The Stress of the University Experience for Students with Asperger's Syndrome

Annotated by Sarah Weitzel and Samantha Rohrbaugh
Glennon, T. J. (2001). The stress of the university experience for students with Asperger’s syndrome. Work, 17(3), 183-190.
Introduction: College students, with or without disabilities, are faced with numerous stressful situations within the university environment. For an individual diagnosed with Asperger syndrome, success at this level requires non-traditional supports. With limited knowledge of this disorder, the university staff are faced with a distinct disadvantage in their efforts to outline an appropriate plan. While providing traditional academic assistance is now commonplace, federal laws mandate that universities widen the scope of support so as not to exclude any student from campus activities or programs.

Objective: In an effort to provide a framework for support, this article interfaces diagnostic information with the realities of college life.

Method: Areas of focus include the transition process, social rules, engagement in academic activities, and mastering a new life of independence.

Conclusion: It is hoped that the presented suggestions might prove helpful as universities begin to establish service support teams and outline plans of support.

Purpose of Study

This study was designed to examine how stress impacts the lives of college students with Asperger syndrome (AS). In addition to identifying stressors, several strategies are presented to help mediate these issues. By identifying theses stressors on a broad scale it makes it easier to design treatments that can then be catered to each individual.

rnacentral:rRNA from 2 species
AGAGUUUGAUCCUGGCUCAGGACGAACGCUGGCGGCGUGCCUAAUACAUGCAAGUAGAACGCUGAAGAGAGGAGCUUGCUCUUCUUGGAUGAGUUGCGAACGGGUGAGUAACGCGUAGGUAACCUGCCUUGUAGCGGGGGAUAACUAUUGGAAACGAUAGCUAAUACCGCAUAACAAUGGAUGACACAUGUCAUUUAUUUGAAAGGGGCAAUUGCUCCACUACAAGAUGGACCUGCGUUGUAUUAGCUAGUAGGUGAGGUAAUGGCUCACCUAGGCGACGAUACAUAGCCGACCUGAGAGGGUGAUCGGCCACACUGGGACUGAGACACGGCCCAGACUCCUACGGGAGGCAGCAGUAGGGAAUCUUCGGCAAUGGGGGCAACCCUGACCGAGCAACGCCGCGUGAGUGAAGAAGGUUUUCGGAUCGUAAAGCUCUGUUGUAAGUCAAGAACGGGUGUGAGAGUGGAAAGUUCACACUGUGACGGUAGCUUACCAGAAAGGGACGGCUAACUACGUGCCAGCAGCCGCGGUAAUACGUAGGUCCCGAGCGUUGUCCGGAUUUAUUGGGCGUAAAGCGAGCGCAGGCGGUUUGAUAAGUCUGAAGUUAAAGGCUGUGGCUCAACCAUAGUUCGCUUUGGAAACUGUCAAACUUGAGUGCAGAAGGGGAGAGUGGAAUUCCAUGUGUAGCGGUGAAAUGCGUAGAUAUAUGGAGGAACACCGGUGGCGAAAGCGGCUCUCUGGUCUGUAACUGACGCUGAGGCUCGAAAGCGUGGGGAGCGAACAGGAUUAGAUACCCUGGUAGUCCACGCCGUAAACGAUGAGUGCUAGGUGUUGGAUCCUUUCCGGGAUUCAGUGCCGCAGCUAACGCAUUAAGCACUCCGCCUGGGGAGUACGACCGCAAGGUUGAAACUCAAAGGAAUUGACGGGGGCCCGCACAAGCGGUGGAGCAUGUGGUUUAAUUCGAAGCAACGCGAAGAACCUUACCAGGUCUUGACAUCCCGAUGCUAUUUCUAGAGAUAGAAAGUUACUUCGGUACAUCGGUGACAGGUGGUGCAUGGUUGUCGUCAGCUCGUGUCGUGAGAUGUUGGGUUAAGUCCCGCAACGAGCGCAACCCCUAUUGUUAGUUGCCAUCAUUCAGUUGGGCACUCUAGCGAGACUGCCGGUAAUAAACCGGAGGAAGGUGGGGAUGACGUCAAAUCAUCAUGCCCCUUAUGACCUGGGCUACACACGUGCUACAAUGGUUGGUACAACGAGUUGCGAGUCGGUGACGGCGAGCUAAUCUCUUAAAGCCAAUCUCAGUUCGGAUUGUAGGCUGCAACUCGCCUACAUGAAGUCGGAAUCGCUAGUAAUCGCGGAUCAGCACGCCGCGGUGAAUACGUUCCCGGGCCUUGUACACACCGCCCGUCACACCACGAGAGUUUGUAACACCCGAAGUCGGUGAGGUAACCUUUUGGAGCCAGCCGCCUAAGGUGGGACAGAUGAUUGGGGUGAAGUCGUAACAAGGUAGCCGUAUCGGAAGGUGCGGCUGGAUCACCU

AS is on the autism spectrum. The diagnostic criteria for AS includes social impairments, recurrent odd behaviors and/or limited interests, “significant social, occupational, or other impairment in functioning,” no significant delay in language or cognitive development, and no diagnosis of schizophrenia or any pervasive developmental disorder. In addition to the diagnostic material, people with AS often have normal or high intelligence, desire for social relationships, and a lack of social skills including appropriate eye contact and conversational timing. These students appear “normal”, but that can be “confusing” for others including peers, faculty and staff as they may have differences in their behavior and language patterns. Students on the spectrum need additional and different kinds of supports than those traditionally given to students with disabilities. Additionally, the diagnosis of Asperger syndrome often comes later so these students may be entering college without a diagnosis already in place. In addition, there is a preconceived notion that individuals with ASD prefer loneliness. However, the authors explore the idea of engagement in social relationships in light of their social deficits that may act as a barrier in forming these relationships.

Population and Sample

The people considered in this study included neurotypical college students, students on the spectrum, and the larger community of people with autism. As this study is a literature review the population and sample in question are not explicitly stated, but the application is focused on college students with AS.

Overview of Methods